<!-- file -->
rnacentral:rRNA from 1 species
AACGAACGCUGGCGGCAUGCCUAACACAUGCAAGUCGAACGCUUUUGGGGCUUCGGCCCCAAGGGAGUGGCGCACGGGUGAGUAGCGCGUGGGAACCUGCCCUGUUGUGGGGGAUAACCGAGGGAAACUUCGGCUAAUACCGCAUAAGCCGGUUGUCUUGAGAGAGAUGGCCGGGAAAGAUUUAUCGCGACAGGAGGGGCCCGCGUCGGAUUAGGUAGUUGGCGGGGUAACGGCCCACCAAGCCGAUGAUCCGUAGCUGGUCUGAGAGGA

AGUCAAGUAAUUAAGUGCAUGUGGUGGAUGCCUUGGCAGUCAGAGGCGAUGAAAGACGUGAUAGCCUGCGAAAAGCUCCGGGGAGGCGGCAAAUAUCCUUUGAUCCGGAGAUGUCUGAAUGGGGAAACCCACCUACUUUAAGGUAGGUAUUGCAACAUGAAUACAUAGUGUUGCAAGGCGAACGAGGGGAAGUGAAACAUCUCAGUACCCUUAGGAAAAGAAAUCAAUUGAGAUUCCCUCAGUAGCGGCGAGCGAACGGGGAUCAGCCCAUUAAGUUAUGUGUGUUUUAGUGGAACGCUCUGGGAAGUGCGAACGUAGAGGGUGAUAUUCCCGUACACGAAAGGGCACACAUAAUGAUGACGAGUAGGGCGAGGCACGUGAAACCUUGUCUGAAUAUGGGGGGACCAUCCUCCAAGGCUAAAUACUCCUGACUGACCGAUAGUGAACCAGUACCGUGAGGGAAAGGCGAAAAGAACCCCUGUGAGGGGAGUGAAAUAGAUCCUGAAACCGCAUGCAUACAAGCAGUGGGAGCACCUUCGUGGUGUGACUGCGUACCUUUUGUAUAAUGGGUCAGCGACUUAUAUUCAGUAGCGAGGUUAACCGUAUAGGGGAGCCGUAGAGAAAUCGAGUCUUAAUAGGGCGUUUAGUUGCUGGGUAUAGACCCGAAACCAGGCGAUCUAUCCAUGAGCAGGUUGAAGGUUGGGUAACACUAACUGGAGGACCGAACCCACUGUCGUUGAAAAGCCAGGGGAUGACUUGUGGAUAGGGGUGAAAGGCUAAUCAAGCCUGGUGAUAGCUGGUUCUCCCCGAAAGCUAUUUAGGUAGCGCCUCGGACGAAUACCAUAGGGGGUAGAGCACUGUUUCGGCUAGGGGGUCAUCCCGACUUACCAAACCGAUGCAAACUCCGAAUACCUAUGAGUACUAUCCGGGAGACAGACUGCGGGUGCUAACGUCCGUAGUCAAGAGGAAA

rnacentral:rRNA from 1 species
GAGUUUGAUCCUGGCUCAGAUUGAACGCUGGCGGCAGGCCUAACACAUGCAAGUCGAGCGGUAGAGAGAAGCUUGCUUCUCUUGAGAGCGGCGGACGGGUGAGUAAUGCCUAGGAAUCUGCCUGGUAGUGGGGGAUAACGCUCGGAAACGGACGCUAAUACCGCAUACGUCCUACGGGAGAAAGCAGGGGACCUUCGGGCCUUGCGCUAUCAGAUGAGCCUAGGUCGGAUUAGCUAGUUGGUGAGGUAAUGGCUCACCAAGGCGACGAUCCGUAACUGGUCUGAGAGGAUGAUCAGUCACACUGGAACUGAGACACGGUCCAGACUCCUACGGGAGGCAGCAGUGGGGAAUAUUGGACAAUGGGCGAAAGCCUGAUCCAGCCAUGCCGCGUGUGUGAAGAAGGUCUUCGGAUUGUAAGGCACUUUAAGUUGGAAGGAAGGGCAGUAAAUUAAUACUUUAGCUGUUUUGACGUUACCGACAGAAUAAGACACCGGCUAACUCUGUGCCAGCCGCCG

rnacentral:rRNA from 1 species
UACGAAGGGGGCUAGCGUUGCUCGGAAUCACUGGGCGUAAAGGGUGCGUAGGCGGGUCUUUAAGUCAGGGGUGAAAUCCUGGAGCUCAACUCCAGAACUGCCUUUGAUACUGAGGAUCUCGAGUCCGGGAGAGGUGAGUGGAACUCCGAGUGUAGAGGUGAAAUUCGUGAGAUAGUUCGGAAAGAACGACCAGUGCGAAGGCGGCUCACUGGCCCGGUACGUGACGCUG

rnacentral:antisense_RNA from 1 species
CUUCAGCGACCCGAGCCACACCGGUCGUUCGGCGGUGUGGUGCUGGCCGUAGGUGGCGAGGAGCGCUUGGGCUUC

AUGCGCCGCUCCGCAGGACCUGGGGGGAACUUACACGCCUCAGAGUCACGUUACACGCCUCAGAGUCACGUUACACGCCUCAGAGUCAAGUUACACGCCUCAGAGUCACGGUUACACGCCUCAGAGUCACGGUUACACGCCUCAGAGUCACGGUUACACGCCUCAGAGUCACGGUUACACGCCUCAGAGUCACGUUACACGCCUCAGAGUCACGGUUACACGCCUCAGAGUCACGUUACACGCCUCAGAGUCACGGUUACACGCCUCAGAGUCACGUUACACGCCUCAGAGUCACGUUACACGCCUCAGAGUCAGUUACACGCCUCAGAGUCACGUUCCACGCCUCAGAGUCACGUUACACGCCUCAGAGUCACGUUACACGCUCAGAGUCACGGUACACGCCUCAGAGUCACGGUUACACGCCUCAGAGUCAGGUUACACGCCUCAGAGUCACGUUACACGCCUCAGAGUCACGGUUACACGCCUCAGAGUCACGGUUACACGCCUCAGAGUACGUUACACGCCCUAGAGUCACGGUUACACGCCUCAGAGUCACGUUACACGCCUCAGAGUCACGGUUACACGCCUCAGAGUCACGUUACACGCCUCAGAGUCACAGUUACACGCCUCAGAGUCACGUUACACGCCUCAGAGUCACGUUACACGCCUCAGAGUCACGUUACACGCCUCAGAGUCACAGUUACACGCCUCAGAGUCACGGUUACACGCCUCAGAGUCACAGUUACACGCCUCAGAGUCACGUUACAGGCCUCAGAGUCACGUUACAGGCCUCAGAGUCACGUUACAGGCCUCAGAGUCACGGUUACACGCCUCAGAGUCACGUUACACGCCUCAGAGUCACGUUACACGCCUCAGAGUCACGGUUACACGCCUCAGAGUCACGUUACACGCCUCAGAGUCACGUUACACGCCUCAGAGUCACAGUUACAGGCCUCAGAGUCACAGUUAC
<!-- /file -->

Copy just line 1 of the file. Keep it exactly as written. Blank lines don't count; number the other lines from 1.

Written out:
rnacentral:rRNA from 1 species